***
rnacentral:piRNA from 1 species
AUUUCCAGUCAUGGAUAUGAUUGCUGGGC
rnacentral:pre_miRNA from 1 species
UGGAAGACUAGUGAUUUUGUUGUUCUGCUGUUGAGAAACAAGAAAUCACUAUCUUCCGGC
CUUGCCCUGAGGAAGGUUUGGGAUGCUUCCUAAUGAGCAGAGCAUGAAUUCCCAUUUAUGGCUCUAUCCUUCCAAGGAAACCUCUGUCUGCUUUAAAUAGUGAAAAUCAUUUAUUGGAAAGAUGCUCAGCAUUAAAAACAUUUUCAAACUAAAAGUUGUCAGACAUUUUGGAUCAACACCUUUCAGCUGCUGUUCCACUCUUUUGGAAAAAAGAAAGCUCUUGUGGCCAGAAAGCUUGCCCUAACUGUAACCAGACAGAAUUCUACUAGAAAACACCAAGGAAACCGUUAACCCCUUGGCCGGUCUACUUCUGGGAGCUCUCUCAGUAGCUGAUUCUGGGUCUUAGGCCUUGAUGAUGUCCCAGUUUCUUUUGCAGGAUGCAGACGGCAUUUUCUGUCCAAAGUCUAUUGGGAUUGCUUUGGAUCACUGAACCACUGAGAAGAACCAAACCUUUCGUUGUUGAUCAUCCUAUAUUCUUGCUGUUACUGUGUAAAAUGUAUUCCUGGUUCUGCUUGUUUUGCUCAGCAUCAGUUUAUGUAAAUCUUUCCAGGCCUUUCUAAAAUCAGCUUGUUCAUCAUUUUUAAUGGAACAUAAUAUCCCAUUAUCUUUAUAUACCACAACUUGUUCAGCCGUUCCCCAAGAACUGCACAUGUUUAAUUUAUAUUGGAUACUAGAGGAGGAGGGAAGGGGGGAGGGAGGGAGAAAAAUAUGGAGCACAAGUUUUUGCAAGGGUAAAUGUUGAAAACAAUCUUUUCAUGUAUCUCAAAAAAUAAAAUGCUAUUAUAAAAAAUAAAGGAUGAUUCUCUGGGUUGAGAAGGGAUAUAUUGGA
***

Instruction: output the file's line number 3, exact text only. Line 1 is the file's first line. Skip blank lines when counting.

rnacentral:pre_miRNA from 1 species